Common Error Messages
Why do I get a blank page?
If you have copied the PhpGedView files to your website and all you get is a blank page when trying to access PhpGedView in your browser, then this probably means that PHP is not installed on your website.
PhpGedView is written using the PHP programming language and in order for it to run, your website must support PHP. See the PHP section of this page for information about how to find out if you can use PHP files on your website.
Fatal error: Allowed memory size of 33554432 bytes exhausted
Your PHP process has run out of memory. 33554432 bytes is 32MB, which is the default value on new installations of PhpGedView. You can increase this value in your site configuration settings, which you can access from the site administration page. If you are unable to access this page, you can edit the config.php file directly. Typical values are;
- 32MB - small gedcoms
- 64MB - medium gedcoms
- 128MB - large gedcoms
- 256MB - very large gedcoms
Note that many servers restrict the amount of memory available to PHP. Either they impose a maximum value that applications can request, or they prevent you from changing the default value. If this happens, you will need to contact your host to ask for an increase.
Warning: Cannot modify header information - headers already sent
This error is usually the result of other errors on the page beginning before output is printed to the page. Look for other errors that appear first on the page and try to fix them first. If you get the other errors fixed, this error will disappear.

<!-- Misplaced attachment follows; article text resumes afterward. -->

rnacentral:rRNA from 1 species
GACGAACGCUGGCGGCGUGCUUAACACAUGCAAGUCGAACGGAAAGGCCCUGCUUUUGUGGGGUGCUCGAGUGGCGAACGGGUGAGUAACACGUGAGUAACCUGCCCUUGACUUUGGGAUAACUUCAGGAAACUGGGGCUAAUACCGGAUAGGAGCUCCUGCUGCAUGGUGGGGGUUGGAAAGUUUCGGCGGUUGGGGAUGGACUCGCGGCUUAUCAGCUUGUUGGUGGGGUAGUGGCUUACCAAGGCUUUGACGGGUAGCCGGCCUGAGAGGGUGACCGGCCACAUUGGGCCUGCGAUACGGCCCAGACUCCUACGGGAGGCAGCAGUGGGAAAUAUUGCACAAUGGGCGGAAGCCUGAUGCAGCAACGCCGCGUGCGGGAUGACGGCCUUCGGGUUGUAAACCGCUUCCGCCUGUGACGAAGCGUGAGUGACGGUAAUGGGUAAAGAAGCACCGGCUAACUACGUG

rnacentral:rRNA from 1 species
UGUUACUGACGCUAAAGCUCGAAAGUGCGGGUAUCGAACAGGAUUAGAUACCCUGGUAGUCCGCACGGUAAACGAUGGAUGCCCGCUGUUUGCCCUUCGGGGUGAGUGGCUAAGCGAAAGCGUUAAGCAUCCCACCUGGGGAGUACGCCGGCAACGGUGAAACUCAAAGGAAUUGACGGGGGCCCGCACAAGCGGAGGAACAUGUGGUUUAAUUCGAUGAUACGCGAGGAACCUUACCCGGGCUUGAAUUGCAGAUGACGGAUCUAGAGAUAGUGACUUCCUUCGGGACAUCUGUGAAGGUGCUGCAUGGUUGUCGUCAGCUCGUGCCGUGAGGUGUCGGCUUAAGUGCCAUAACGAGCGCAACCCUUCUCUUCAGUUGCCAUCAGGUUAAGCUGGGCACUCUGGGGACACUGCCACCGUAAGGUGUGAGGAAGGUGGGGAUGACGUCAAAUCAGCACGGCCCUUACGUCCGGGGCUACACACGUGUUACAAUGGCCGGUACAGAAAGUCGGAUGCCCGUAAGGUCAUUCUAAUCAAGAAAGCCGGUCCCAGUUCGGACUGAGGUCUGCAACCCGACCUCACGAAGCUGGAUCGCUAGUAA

The most common types of errors that will cause this warning are BOM characters in the language files, file permissions errors, or session configuration errors. The BOM (Byte Order Mark) in the language files can be checked from the Edit Languages page. Refer to the other sections of this FAQ for details on dealing with the different types of errors.
Warning: session_start() [function.session-start]: open(/tmp\sess_2056cb1c9e9ebe4bee597b943e7bda56, O_RDWR) failed
This means that PHP could not write the new session data to a file for storage between requests. There could be many things that are causing this, but they are all unrelated to PhpGedView.
The first thing to check is that the /tmp directory or the C:\PHP\sessiondata directory have write permissions for PHP. The next thing to check is that the session.save_path parameter of the php.ini file (/etc/php.ini or C:\WINDOWS\php.ini) is pointing to the correct location.
These settings likely have to be changed by the server administrator, if that is not you then it could take a while for them to answer your request. PhpGedView has a configuration parameter that will allow you to change the session.save_path paramter just for PhpGedView scripts. To set this, go to editconfig.php and set the Session Save Path to "./index" or any other directory where you have given PHP write permissions.
Notice: Undefined variable _SERVER
This means that you are running PhpGedView on an unsupported version of PHP. PhpGedView requires PHP version 4.3.0 or later. To fix this, you should first contact your web host and ask them to upgrade to a newer version of PHP.
If for some reason, your host won't upgrade their installation of PHP, you will have to replace all instances of $_SERVER with $HTTP_SERVER_VARS in the PhpGedView code in order to fix this error.
SQL Injection warning when adding or editing notes?
SQL injection is a common technique used by hackers which gives them control of the database. PhpGedView protects you from this attack, but sometimes this message can occur if PhpGedView misinterprets some of the text coming in as an SQL command.
To solve the problem, try to look for words like INSERT, DELETE, UPDATE, DROP, and TABLE and choose alternate words or rearrange thier order. The Error message should give you some clues as to what text triggered the warning.